I live in Austin, Texas and I’m single. A recent study by, of all places, Real Estate Witch, named Austin the top fifth city in the U.S. for being best for singles. More on my take on that below.
What makes a city best for singles? To start, having more than half the population identify as single. In Austin, that’s 51%. In New Orleans, the number one ranked, it’s 54%. Milwaukee, Los Angeles, and Las Vegas, the top two, three and four, each have over a 50% single population.
In addition, the number of options for dating and entertainment make a city good for single people. For Austin, the same study found 48 distinct arts, entertainment, and recreation venues per 100,000 people.
Since Austin has a total population of 978,908, that makes 432 fun places to go on a date. Top that off with mostly good weather and tons of places to hike, swim, kayak and paddle board, and that’s one reason people from Los Angeles, the number three city for singles, move to Austin.
The top city, New Orleans, has the same criteria, but with more and more highly ranked restaurants, as you know if you’ve ever been to this culinary paradise.
Los Angeles has four times the activities and venues per 100,000 people as the other top four cities. Milwaukee, as well as being beautiful in the spring, summer and fall, has the least expensive date night at $95 per date. Las Vegas has a single population of 53%, the next cheapest date night, probably due to the fact that you drink free at the casinos, and the next highest number of entertainment venues per 100,000 people, which is still less than a third of those in Los Angeles.
What about the deeper aspects of being single in these cities? The Real Estate Witch survey doesn’t address this aspect. However, a recent Pew Research survey does. The survey of over 5,000 single adults reports that 67% say their dating life isn’t going well. 75% have found dating “very or somewhat difficult over the past year,” particularly during the first surge of the pandemic.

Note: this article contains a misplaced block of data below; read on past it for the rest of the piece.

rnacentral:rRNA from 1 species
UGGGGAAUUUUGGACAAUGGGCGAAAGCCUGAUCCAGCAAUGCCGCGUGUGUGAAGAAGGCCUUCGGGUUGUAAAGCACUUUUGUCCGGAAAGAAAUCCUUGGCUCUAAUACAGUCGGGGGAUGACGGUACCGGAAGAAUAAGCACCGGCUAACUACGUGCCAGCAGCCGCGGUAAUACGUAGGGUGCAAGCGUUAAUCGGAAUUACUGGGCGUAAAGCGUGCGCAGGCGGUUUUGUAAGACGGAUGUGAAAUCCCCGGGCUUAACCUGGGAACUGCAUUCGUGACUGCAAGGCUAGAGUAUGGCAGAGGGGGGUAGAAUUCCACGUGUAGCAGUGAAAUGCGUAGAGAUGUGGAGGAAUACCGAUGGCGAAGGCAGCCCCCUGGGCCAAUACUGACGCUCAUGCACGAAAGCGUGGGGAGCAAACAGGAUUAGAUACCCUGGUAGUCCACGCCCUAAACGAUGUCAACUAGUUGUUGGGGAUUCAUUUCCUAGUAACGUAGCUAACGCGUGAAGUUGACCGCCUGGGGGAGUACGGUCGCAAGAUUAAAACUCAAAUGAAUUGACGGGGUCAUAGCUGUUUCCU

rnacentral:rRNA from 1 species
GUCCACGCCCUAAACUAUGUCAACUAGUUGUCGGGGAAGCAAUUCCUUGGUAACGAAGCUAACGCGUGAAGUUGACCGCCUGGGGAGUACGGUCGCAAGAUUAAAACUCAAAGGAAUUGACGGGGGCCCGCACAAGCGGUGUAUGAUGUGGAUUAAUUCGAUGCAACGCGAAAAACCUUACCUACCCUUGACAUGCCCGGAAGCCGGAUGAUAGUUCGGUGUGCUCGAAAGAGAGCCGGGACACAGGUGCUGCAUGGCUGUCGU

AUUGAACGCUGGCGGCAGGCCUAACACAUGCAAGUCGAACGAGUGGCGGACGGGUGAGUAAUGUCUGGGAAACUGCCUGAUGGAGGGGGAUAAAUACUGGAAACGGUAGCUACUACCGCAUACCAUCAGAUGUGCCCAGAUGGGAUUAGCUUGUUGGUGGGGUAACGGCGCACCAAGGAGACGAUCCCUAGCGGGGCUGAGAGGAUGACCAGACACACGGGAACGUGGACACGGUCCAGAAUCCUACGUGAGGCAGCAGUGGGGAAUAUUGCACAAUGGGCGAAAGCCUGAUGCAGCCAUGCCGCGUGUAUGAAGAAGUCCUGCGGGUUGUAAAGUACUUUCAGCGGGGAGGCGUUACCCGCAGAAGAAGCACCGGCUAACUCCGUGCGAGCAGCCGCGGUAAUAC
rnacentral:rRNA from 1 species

Maybe the midst of a worldwide pandemic isn’t the best time to be single. I addressed that from my personal experience in the article linked below.
To be real, though, dating prior to the pandemic wasn’t so great either. I could dive deeper, and will another time, into the differences in dating as a young single, a middle-aged single, and an older single. For now though, let’s look at why people in the top cities in the U.S. for dating are still dissatisfied.
My own experience, and that of other women of all ages I talk to in Austin, would imply there are more women than men here, but it’s the opposite. There are more men than women by a small percentage.
And yet, many single men here act as if there are thousands more single women than men. In all age brackets, men seem to expect or demand sex on first dates. Others ghost shortly after two or three dates without sex, and some ghost immediately after sex.
Granted, this is anecdotal. I’d like to see more studies done on the success rate of dating in the top five cities for singles. Also, more surveys on the effect of the pandemic on dating among different age groups.
What I’ve witnessed in L.A. and Austin among younger singles is that once things began to open back up, dating kept apace. So far it hasn’t appeared to slow down in that age group even with the current spikes.
My next article will address more results from the Pew Research Study. In the meantime, if you’re single and don’t live in one of the top five cities for singles, and you can finesse a move, you might consider moving to one. If the top five are out of reach, here’s a list of the next ten best cities in which to be single:
Providence, Rhode Island
Virginia Beach, Virginia
Oklahoma City, Oklahoma
Buffalo, New York
This post was previously published on medium.com.
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